His persistence finally paid off when, as directed by recruiters, he successfully enlisted by identifying as French Canadian and not Métis.

He told an interviewer, “I was going there to fix Hitler,” as his reason to enlist alongside other Canadians.

From kitchen duty to rifleman and anti-tank gunner

Sent to North Bay, Ontario for his initial training, and to be part of the Lake Superior Scottish, Mr. Godon was assigned to kitchen duty. It was not until he went on a long army march, after asking his orderly sergeant for the opportunity, did he finally receive a uniform and take up a rifle instead of a potato peeler.

He was sent to Canadian Forces Base Shilo for further army training. He switched to the Royal Winnipeg Rifles, then was sent to Nova Scotia to finalize training prior to being shipped overseas. Besides honing infantry skills at CFB Shilo, he also was schooled in the operation of a “six-pounder” anti-tank gun. He was No. 1 on a six-man crew.

Before embarking on the voyage across the Atlantic, Mr. Godon promised his mother he would return home from the war, a promise he kept despite the horrors of June 6 and his subsequent 11-month experience as a POW.

Reported missing in action, then presumed dead

Recalling his capture, Mr. Godon said, “There were machine guns shooting at us, and we couldn’t get up. First thing I know, there was my lieutenant, waving the white flag. What could we do? [The Germans] said ‘for you the war is over.’”

Mr. Godon’s family back in southern Manitoba were first told he was missing in action. He was later listed as presumed dead. Tracing him was difficult because the Germans hid the POWs from the Red Cross.

As a POW, Mr. Godon said he kept a brave face in front of his captors, and drew on his promise to his mother that he would return home for strength.

He recalled a 21-day forced march and sleeping in graveyards. Escape was not an option.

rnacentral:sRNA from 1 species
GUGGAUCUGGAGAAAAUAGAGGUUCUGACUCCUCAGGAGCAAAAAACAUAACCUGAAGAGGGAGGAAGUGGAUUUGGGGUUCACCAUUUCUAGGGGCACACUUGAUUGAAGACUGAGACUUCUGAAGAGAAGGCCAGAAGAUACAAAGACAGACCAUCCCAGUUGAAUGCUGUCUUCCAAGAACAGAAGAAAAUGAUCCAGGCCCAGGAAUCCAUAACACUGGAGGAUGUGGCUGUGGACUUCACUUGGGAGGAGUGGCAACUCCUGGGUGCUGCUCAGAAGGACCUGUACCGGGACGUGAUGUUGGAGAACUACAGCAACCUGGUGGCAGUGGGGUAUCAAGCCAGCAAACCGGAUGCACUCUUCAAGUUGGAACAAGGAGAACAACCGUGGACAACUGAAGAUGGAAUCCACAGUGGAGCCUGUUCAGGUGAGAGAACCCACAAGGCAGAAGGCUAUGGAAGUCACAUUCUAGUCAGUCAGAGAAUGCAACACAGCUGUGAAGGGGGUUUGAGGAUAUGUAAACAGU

“If you had one escape, [the Germans] would kill 10 of your buddies,” he said in a VVOC interview.

Dropped 92 pounds as POW

Put to work in labour camps, Mr. Godon helped dig water and sewage lines. He also did farm labour, working in sugar beet and potato fields. And, despite being fed “slop” by the Germans, he learned you did not try to eat raw potatoes in the field.

“If you did, they shot you,” he recalled.

In the APTN/CTV documentary, Mr. Godon recalled how, following his 11 months of captivity, his weight had dropped to 120 pounds from 212 by the time he was liberated by American troops.

Life for the young soldier was never the same after he returned to Canadian soil. He fought for his pension for 21 years before finally receiving it. He credited his son, Frank, with helping “smarten me up” after he began to rely on alcohol to drown out the war memories.

“We were not the same anymore,” he said of his war experience. “We were half animal, half human.”

Returned to Juno Beach in 2003

Reflecting on his time overseas fighting alongside 22,000 other men who landed at Juno Beach, Godon said, “To look back, we did something.”

This was evident when he returned to France in 2003. Remarkably, he was able to wear his original uniform with pride.

“I saw what we had done,” he said with satisfaction of a beach now featuring young families and children playing on the shoreline, instead of fallen soldiers on the bloody beach as it was in 1944.